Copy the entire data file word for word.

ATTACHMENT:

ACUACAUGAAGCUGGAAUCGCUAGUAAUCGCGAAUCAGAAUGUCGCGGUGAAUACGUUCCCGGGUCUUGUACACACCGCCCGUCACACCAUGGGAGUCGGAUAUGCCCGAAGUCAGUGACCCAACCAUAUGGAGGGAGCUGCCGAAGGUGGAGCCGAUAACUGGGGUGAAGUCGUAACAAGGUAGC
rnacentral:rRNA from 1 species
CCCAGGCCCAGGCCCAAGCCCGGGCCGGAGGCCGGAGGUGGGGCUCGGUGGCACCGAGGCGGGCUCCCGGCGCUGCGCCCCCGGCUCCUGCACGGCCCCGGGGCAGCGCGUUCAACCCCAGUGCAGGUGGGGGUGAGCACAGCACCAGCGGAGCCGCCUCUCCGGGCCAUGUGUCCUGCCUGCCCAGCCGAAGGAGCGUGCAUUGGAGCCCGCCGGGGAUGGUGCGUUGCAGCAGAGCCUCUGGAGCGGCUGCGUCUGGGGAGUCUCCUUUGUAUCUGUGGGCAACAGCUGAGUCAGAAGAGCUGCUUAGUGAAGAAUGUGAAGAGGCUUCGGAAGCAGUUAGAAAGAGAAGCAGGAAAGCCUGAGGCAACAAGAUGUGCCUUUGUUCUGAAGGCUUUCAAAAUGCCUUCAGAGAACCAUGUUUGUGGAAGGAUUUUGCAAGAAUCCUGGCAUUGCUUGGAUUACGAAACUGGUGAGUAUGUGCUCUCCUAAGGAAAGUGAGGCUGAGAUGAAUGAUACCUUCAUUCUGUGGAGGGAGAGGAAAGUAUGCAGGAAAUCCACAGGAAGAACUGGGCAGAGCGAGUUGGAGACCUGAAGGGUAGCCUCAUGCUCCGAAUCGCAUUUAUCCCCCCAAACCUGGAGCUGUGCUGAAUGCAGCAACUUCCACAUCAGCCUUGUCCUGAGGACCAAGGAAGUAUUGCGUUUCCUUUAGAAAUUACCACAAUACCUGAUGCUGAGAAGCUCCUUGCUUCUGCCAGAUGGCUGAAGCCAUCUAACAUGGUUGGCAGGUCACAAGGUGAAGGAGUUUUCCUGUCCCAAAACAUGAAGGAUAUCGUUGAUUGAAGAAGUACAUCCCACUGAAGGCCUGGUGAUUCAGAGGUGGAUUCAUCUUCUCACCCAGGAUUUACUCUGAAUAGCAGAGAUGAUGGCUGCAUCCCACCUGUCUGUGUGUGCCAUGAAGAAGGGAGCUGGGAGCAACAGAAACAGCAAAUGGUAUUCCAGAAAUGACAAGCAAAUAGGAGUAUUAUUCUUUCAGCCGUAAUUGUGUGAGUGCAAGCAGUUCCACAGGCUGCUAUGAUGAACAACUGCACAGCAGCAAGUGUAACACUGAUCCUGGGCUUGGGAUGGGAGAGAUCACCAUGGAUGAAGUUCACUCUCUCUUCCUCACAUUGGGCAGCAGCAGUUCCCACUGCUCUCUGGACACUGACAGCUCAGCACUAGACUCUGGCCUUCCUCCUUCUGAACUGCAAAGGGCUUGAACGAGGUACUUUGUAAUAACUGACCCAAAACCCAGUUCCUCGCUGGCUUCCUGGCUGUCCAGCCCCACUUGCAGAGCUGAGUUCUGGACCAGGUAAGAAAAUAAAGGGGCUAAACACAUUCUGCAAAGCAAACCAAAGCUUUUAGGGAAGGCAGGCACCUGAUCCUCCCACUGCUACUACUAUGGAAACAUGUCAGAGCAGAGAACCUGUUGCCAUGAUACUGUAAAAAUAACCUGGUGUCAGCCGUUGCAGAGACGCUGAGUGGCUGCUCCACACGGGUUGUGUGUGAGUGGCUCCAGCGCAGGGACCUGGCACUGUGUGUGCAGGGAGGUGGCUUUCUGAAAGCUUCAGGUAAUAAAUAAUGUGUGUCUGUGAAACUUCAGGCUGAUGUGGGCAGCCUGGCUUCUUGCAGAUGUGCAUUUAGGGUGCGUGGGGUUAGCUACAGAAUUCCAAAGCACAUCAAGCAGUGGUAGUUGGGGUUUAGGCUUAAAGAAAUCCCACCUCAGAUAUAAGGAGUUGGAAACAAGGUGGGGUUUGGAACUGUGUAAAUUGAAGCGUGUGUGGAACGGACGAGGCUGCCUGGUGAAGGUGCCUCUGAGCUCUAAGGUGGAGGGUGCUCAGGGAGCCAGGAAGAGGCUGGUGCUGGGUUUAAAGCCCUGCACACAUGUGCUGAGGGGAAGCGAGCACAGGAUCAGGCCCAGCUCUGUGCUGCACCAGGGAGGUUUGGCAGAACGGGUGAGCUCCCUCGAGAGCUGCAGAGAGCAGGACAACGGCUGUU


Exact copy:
ACUACAUGAAGCUGGAAUCGCUAGUAAUCGCGAAUCAGAAUGUCGCGGUGAAUACGUUCCCGGGUCUUGUACACACCGCCCGUCACACCAUGGGAGUCGGAUAUGCCCGAAGUCAGUGACCCAACCAUAUGGAGGGAGCUGCCGAAGGUGGAGCCGAUAACUGGGGUGAAGUCGUAACAAGGUAGC
rnacentral:rRNA from 1 species
CCCAGGCCCAGGCCCAAGCCCGGGCCGGAGGCCGGAGGUGGGGCUCGGUGGCACCGAGGCGGGCUCCCGGCGCUGCGCCCCCGGCUCCUGCACGGCCCCGGGGCAGCGCGUUCAACCCCAGUGCAGGUGGGGGUGAGCACAGCACCAGCGGAGCCGCCUCUCCGGGCCAUGUGUCCUGCCUGCCCAGCCGAAGGAGCGUGCAUUGGAGCCCGCCGGGGAUGGUGCGUUGCAGCAGAGCCUCUGGAGCGGCUGCGUCUGGGGAGUCUCCUUUGUAUCUGUGGGCAACAGCUGAGUCAGAAGAGCUGCUUAGUGAAGAAUGUGAAGAGGCUUCGGAAGCAGUUAGAAAGAGAAGCAGGAAAGCCUGAGGCAACAAGAUGUGCCUUUGUUCUGAAGGCUUUCAAAAUGCCUUCAGAGAACCAUGUUUGUGGAAGGAUUUUGCAAGAAUCCUGGCAUUGCUUGGAUUACGAAACUGGUGAGUAUGUGCUCUCCUAAGGAAAGUGAGGCUGAGAUGAAUGAUACCUUCAUUCUGUGGAGGGAGAGGAAAGUAUGCAGGAAAUCCACAGGAAGAACUGGGCAGAGCGAGUUGGAGACCUGAAGGGUAGCCUCAUGCUCCGAAUCGCAUUUAUCCCCCCAAACCUGGAGCUGUGCUGAAUGCAGCAACUUCCACAUCAGCCUUGUCCUGAGGACCAAGGAAGUAUUGCGUUUCCUUUAGAAAUUACCACAAUACCUGAUGCUGAGAAGCUCCUUGCUUCUGCCAGAUGGCUGAAGCCAUCUAACAUGGUUGGCAGGUCACAAGGUGAAGGAGUUUUCCUGUCCCAAAACAUGAAGGAUAUCGUUGAUUGAAGAAGUACAUCCCACUGAAGGCCUGGUGAUUCAGAGGUGGAUUCAUCUUCUCACCCAGGAUUUACUCUGAAUAGCAGAGAUGAUGGCUGCAUCCCACCUGUCUGUGUGUGCCAUGAAGAAGGGAGCUGGGAGCAACAGAAACAGCAAAUGGUAUUCCAGAAAUGACAAGCAAAUAGGAGUAUUAUUCUUUCAGCCGUAAUUGUGUGAGUGCAAGCAGUUCCACAGGCUGCUAUGAUGAACAACUGCACAGCAGCAAGUGUAACACUGAUCCUGGGCUUGGGAUGGGAGAGAUCACCAUGGAUGAAGUUCACUCUCUCUUCCUCACAUUGGGCAGCAGCAGUUCCCACUGCUCUCUGGACACUGACAGCUCAGCACUAGACUCUGGCCUUCCUCCUUCUGAACUGCAAAGGGCUUGAACGAGGUACUUUGUAAUAACUGACCCAAAACCCAGUUCCUCGCUGGCUUCCUGGCUGUCCAGCCCCACUUGCAGAGCUGAGUUCUGGACCAGGUAAGAAAAUAAAGGGGCUAAACACAUUCUGCAAAGCAAACCAAAGCUUUUAGGGAAGGCAGGCACCUGAUCCUCCCACUGCUACUACUAUGGAAACAUGUCAGAGCAGAGAACCUGUUGCCAUGAUACUGUAAAAAUAACCUGGUGUCAGCCGUUGCAGAGACGCUGAGUGGCUGCUCCACACGGGUUGUGUGUGAGUGGCUCCAGCGCAGGGACCUGGCACUGUGUGUGCAGGGAGGUGGCUUUCUGAAAGCUUCAGGUAAUAAAUAAUGUGUGUCUGUGAAACUUCAGGCUGAUGUGGGCAGCCUGGCUUCUUGCAGAUGUGCAUUUAGGGUGCGUGGGGUUAGCUACAGAAUUCCAAAGCACAUCAAGCAGUGGUAGUUGGGGUUUAGGCUUAAAGAAAUCCCACCUCAGAUAUAAGGAGUUGGAAACAAGGUGGGGUUUGGAACUGUGUAAAUUGAAGCGUGUGUGGAACGGACGAGGCUGCCUGGUGAAGGUGCCUCUGAGCUCUAAGGUGGAGGGUGCUCAGGGAGCCAGGAAGAGGCUGGUGCUGGGUUUAAAGCCCUGCACACAUGUGCUGAGGGGAAGCGAGCACAGGAUCAGGCCCAGCUCUGUGCUGCACCAGGGAGGUUUGGCAGAACGGGUGAGCUCCCUCGAGAGCUGCAGAGAGCAGGACAACGGCUGUU